Who, What, Why . . .

Who does it apply to: Overtime is governed by the Fair Labor Standards Act. Without a long discussion about the .1% of employers who might not be covered, the simple answer is – virtually everybody. That said, it does not apply to independent contractors or volunteers.

What do I have to do: Everyone knows they are supposed to pay overtime at 1½ times the employee’s “regular rate” for “work” over 40 hours in a “workweek” (unless the employee is exempt). Where it gets tricky is trying to make the calculation without a clear understanding of what the law means by “work”, “regular rate”, and “workweek”.

What is a “workweek”: Let’s start simple. A workweek is any consecutive 168 hour period (7 days for those of you pulling out your calculator). Most businesses use the traditional Monday to Sunday model, but you can define it anyway you want as long as you are consistent.

What is the “regular rate”: The regular rate is usually equal to the hours worked divided by the total pay received for that week. For many this calculation is relatively simple. The employee works 40 hours and is paid $400. Dividing $400 by 40, you get a “regular rate” of $10.00, which happens to be the hourly wage of the employee. In other instances, it is more complicated but still is dependent on the number of hours worked:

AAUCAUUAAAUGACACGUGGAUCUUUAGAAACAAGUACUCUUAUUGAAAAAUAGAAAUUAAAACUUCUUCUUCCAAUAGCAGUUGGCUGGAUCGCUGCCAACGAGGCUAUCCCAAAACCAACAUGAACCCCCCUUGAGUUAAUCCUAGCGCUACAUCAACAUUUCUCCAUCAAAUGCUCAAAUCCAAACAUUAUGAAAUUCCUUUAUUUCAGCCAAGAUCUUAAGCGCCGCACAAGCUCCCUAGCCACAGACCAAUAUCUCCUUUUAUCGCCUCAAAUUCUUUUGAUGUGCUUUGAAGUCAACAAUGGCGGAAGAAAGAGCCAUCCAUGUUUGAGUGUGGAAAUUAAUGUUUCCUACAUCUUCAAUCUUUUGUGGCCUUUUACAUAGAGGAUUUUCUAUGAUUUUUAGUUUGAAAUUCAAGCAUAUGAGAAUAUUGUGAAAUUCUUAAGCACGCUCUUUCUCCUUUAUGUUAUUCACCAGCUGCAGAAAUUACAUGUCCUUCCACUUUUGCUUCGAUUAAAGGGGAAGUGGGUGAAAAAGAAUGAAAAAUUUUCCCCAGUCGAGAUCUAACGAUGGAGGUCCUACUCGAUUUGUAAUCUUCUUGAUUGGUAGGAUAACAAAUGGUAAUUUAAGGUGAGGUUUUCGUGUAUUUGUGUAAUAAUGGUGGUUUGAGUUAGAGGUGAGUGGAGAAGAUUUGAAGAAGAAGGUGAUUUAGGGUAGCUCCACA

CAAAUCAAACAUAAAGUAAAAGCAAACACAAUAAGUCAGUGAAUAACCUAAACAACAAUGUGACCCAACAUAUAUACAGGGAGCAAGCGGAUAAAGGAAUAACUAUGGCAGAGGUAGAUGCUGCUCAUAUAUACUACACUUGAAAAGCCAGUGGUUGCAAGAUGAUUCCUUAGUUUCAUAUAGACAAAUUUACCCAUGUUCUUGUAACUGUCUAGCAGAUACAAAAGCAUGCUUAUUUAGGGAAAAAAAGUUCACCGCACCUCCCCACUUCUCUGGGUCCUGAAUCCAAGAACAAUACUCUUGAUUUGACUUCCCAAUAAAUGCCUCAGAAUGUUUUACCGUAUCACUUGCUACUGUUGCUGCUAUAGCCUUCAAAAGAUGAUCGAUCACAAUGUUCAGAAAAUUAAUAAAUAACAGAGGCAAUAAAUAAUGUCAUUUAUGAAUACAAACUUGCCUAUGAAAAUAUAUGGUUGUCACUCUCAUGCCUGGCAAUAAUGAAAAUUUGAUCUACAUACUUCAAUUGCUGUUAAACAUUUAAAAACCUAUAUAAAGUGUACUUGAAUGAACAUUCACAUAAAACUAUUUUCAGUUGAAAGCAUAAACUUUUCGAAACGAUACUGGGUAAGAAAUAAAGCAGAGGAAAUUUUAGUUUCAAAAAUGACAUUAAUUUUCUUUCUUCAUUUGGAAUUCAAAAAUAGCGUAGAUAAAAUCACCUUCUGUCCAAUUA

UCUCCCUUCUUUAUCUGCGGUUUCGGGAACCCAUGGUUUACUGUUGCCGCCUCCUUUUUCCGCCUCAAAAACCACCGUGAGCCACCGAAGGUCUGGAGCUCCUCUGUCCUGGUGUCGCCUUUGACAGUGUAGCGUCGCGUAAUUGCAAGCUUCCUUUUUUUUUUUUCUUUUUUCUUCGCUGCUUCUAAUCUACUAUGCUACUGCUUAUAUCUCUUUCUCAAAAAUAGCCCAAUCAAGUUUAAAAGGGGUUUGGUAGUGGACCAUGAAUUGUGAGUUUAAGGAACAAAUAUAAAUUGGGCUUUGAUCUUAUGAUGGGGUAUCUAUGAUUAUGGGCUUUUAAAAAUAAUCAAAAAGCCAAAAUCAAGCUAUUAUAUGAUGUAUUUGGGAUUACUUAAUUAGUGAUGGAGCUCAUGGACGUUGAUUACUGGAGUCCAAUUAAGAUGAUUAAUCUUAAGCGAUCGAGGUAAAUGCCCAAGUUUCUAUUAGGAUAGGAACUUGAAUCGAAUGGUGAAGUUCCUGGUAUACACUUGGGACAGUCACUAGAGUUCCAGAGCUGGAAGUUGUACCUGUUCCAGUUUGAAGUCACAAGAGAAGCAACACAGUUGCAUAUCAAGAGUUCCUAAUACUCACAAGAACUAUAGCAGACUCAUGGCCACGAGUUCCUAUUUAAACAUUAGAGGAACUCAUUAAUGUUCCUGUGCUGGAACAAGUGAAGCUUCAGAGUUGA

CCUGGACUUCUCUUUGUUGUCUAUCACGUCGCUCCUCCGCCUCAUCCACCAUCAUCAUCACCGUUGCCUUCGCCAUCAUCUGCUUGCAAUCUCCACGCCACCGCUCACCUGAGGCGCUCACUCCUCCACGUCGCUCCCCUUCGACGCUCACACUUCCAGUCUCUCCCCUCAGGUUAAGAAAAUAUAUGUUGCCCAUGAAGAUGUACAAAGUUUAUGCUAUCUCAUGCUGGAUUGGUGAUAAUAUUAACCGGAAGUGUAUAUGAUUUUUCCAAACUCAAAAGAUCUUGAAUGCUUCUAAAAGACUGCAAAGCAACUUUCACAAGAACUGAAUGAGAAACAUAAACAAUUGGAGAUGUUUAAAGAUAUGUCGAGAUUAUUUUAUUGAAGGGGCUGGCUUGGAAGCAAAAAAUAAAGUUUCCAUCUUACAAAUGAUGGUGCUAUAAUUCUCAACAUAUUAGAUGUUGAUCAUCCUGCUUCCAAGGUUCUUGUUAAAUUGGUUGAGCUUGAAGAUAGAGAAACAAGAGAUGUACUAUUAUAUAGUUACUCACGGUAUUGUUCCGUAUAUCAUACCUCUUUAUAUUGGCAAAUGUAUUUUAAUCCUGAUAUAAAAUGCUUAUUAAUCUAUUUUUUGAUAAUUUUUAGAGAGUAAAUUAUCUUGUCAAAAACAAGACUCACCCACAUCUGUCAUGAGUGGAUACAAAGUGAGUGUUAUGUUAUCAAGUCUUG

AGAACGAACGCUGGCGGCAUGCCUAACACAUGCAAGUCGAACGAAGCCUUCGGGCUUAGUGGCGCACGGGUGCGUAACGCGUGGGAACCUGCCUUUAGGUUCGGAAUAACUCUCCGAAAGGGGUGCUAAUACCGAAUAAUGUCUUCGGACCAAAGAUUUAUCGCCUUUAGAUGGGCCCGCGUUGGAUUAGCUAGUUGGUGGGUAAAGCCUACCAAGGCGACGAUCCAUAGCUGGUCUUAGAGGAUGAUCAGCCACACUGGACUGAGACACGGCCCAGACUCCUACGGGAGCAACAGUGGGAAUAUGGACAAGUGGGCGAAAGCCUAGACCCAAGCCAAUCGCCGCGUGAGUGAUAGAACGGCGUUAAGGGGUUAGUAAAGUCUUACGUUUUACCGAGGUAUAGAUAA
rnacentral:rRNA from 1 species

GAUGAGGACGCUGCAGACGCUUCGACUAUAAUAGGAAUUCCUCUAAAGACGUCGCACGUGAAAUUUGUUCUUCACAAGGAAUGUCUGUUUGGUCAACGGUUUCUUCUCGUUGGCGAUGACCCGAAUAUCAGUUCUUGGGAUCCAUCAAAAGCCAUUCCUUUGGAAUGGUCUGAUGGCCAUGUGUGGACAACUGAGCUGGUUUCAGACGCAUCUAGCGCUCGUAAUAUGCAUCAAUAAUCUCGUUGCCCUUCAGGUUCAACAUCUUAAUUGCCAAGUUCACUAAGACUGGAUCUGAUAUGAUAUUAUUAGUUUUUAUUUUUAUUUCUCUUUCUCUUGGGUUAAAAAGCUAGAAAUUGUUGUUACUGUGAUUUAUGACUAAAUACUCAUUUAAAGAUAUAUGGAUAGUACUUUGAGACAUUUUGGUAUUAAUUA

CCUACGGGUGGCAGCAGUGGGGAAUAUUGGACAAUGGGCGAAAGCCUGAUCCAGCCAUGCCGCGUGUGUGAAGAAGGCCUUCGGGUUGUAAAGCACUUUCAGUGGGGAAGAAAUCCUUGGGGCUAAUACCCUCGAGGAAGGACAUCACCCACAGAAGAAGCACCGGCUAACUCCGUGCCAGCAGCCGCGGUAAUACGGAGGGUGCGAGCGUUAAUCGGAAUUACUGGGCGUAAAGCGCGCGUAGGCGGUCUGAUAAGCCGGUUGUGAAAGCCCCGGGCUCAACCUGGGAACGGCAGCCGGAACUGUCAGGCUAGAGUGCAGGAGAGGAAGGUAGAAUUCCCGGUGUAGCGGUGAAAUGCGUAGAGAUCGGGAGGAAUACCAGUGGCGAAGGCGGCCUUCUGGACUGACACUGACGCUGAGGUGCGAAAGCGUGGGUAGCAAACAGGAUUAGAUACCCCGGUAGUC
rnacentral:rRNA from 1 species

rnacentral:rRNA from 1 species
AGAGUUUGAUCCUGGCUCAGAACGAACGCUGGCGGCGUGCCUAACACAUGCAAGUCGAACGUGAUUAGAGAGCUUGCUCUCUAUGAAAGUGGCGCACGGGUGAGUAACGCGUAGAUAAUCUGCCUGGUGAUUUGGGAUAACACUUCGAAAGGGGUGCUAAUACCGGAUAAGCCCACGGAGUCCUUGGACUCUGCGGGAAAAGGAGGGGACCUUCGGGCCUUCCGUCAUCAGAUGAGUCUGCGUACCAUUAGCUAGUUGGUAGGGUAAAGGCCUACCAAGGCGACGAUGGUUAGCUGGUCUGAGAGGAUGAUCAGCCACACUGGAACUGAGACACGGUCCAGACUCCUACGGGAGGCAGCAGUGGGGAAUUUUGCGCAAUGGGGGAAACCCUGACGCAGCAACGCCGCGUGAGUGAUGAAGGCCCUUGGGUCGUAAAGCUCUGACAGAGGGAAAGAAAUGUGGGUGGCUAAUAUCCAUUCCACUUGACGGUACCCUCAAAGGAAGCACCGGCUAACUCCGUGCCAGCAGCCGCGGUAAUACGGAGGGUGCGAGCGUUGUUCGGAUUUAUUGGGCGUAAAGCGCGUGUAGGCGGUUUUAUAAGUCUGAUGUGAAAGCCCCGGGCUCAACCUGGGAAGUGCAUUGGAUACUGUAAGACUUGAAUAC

Salary: The regular rate is salary earned in a week divided by 40.

Commission Paid Weekly: Add any non-commission earnings to the total commissions earned and divide by the hours worked (including hours over 40).

Commissions Paid Over Another period: The regular rate is calculated by the non-commission earnings in that week divided by the hours worked until the commissions are paid, at which time they must be calculated and added back in to the workweek earned so that overtime can be retabulated and any difference compensated.

Piece Work (workers paid by the completed piece): Tabulate the hours worked during the week (including hours over 40) and divide by the total earned from piece work.

Multiple Hourly Rates (some people get paid different rates for travel time): Tabulate the total earned at the combined rates during that week (including hours over 40) and divide by the hours worked.

What is “work”: What counts as work seems deceptively simple. It includes the minutes employees spend on the clock, but employers often miss time that counts:

Fringe Time: Time employees spend working that is not part of their regular work time, including, for example, the time it takes to log into a computer to clock in electronically.

Waiting: Time spent waiting counts as work unless the employee is completely free to use the time for their own purposes (including leaving the workplace) and the interval is long enough. A 30 minute break while a machine is repaired probably would be considered work, while a two hour break where the employee may leave probably would not be considered work time.

On-Call: Wearing a pager or have a cell phone away from work is not usually considered work as long as the employee can use the time for their own purposes. Being stuck at your place of business or prevented from using the time for yourself, however, does count.